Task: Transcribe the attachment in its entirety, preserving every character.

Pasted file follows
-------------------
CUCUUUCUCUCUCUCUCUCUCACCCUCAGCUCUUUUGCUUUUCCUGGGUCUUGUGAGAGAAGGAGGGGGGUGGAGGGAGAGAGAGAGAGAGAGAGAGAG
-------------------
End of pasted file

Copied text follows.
CUCUUUCUCUCUCUCUCUCUCACCCUCAGCUCUUUUGCUUUUCCUGGGUCUUGUGAGAGAAGGAGGGGGGUGGAGGGAGAGAGAGAGAGAGAGAGAGAG